2 more Inventory Power BI Dashboards to Supercharge Your Dynamics GP Reporting

As I continue to build out my Dynamics GP Power BI dashboards, we look at product performance and inventory reorder analysis.

Product Performance

In the Product Performance dashboard, I’ve add ABC segmentation, moving averages and time comparisons using DAX measures. You can find additional information on the technics I’m using within my dashboards and reports at www.daxpatterns.com.

In the Product Performance report below, I used a scatter chart to analysis the Product classes profit margin and totals profits, the Sales ABC by ABC Class stacked bar chart segments the products using ABC segmentation and allows you to drill down into each segment to see the under-lining detail. Additionally, there is a total cost by warehouse location and weekly moving average cost comparison chart at the bottom of the report.

Power BI GP Product Performance

Inventory Reorder Analysis

For my Inventory Reorder Analysis report I’m using some the technics discussed by Belinda Allen in her YouTube video on Inventory Item Reorder Dashboard. I converted it to Power BI and added a little extra by also analyzing SOP product sales data and computing “Inventory Logic” based on whether the “Inventory Sold in Time Period” columns total is three times the current “Qty Available”

Power BI Inventory Reorder

Updated Template

You can download the updated template here. In the template, I also updated the Finance Summary report to use the New Matrix visual that was released in March. This adds the drill down functionality to the Profit and Loss Matrix Visual.

Future Dashboard developments

In the coming months, I plan additional Power BI reports associated with my Dynamics GP data. These reports will include:

  • Vendor Analysis
  • Field Service – Contract and Service Call Analysis

Stay tuned for the future developments of the reports and an overview of their functionality.

Supercharge Your Dynamics GP Dashboards & Reports with Power BI

During my last blog post, I walked you through creating a financial dashboard using Power BI with Dynamics GP data. I have created additional analysis and measures now.

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If you look closely at the bottom left, you will see two additional reports for Sales Summary and Customer Analysis.

Sales Summary

The data used from Dynamics GP for this report are the Sales Order Processing (SOP) tables, Inventory, (IV) and Customer (RM) tables. The Sales Summary contains the same report filters, Year, Month and Company as the Financial Summary report. The top left visual shows the total sales by product class ranked in descending order. The bottom left visual shows the total sales by customer class/sales channel. The top two visuals in the middle and right show the total sales and transactions based on the filters selected with a seven-day moving average behind them. The bottom right visual shows a comparative between cumulative sales and cumulative costs.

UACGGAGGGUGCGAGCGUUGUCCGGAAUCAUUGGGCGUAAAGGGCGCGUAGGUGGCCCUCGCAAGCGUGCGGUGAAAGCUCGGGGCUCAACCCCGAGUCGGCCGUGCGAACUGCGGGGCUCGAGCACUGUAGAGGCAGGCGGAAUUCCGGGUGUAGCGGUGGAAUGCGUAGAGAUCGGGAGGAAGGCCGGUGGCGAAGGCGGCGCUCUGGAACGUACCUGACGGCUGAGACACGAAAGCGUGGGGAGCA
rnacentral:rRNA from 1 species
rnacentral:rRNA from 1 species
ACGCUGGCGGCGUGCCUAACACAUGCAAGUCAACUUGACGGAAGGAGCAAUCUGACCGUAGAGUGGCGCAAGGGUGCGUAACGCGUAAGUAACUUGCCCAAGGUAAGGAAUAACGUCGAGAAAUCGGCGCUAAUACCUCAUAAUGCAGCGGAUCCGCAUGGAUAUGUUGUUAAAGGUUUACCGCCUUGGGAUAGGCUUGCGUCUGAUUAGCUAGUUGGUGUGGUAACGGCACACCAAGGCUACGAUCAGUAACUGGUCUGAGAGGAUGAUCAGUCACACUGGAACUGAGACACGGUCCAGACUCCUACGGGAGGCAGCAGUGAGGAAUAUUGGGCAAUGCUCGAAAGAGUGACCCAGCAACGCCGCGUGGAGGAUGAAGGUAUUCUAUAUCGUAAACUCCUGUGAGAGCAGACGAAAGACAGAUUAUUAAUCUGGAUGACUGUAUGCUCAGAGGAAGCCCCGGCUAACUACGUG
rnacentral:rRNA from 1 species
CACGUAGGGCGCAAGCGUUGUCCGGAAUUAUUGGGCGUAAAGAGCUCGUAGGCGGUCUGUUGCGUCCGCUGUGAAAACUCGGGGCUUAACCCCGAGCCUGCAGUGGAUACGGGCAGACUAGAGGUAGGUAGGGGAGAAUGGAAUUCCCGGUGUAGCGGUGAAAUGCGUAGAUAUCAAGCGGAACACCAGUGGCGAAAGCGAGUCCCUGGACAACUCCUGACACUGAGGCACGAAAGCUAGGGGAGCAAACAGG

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Customer Analysis

The Customer Analysis report allows you to dig into Dynamics GP sales data by Customer, Year, Month and Company. By selecting a customer on the left you get to see three years of comparative sales, sales detail, last sales date and amount, total sales, sales last year, totals profits and percent sales growth for that customer.

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Future Dashboard developments

In the coming months, I plan additional Power BI reports associated with my Dynamics GP data. These reports will include:

  • Vendor Analysis
  • Inventory Analysis
  • Field Service – Contract and Service Call Analysis

Stay tuned for the future developments of the reports and an overview of their functionality.

Power BI Visuals in On Premise SQL Server Reporting Services

Yesterday, January 17, 2017, Microsoft released the Power BI reports in SQL Server Reporting Services (SSRS) technical preview. You can read all about it here. I downloaded the technical preview and installed it on my system and deployed a Power BI Visual to my SSRS web site. Here are the steps to get it installed on your system.

· Download the SSRS Technical Preview and Power BI Designer for the preview

Power BI SSRS

· The Technical Preview has the following system requirements:

    • Your own VM or server (not one in production use)
    • Windows Server 2012 or later (or Windows 8 or later)
    • .NET Framework 4.5.2 or later
    • SQL Server Database Engine (2008 or later), to store the report server database
    • SQL Server Analysis Services (2012 SP1 CU4 or later), to store your data models

· I first installed the SQLServerReportingServices.exe on my system and accepted the licensing terms and agreement and then selected the “Install” button.